Drawing on literary history in ingenious and fanciful ways, the four stories in this collection pose the question of how puzzler mysteries and detective stories should be written.
The title story and its sequel Ronri jōhatsu: Nokkusu mashin 2 (Knox’s Machine 2: Logic Evaporates) form the nucleus of the collection. The Knox in each title refers to British author Ronald Arbuthnott Knox (1888?1957), and the stories take the rules for detective fiction he codified in 1929, commonly known as “Knox’s Ten Commandments,” as a key element in their plot development.
Knox’s Machine is set in 2058, when a parahumanities Ph.D. from Shanghai University, Yuan Chien-lung, 27, is summoned by the director of the Chinese National Science and Technology Bureau. Yuan is a specialist in the mathematical analysis of literature, and has just completed his degree with a dissertation on Knox’s Ten Commandments. In his study, he focused on the fifth of the commandments, “No Chinaman must figure in the story.” Why had Knox included such an incongruous and peculiar, not to mention patently racist, rule? Yuan’s analysis reveals that the other nine commandments cannot obtain without the fifth, and that when “No Chinaman” is plugged into a complex equation as a fictional character, countless detective novels can be produced automatically in no time. The rage for automatic creation of stories has by this time died down, so Yuan’s findings fail to receive very much attention, but they have caught the director’s eye. He asks Yuan to travel back in time as the character No Chinaman to February 28, 1929?the date on which Knox wrote out his ten commandments. Yuan does arrive safely in 1929 and meets Knox, but in that world, the author has not in fact penned the commandment in question . . .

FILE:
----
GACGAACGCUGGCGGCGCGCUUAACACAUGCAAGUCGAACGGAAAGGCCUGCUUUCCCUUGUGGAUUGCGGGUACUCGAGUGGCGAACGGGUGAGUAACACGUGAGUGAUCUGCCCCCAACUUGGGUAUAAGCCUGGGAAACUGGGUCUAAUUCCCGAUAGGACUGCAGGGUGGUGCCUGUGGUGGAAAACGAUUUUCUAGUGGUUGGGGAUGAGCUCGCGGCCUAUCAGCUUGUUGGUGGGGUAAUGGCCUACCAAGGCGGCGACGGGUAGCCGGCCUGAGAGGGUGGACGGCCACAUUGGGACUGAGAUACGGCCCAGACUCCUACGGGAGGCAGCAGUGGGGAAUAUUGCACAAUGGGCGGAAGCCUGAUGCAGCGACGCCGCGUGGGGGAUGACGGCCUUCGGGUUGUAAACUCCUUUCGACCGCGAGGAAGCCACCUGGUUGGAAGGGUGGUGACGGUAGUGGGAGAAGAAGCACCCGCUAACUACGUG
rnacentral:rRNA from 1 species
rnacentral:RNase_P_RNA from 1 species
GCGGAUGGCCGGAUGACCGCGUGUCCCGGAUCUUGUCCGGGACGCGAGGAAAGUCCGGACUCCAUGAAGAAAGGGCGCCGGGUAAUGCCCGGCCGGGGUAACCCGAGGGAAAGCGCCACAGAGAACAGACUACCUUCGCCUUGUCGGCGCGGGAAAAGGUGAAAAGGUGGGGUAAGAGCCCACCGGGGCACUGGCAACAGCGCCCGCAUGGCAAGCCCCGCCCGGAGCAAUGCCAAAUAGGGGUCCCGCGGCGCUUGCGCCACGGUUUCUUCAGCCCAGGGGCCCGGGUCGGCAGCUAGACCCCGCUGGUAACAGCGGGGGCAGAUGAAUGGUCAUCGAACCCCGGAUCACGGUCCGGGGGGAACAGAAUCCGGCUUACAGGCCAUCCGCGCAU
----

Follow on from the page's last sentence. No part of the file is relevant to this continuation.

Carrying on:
Knox’s Machine 2 is set 15 years later, in 2073. Although Yuan succeeded in traveling through time in the previous episode, no one else has been able to do the same since, and he is expelled from China. After initially being welcomed by Russia, he moves to Australia, where he lives incognito as a monk, still much fascinated by Knox. There he receives a second request to travel through time. For the last two weeks, classical text data, including old novels, stored on the quantum network has been causing repeated crashes and freezes, leading to overheating and even fire damage. The original spark came from Ellery Queen’s The Siamese Mystery of 1933: the text has become a black hole on the net, into which Yuan once again dives as the character No Chinaman . . .
These highly unorthodox and intellectually stimulating stories might be described as a cross between Agatha Christie and Greg Egan, and are sure to delight mystery lovers with their endlessly fascinating twists.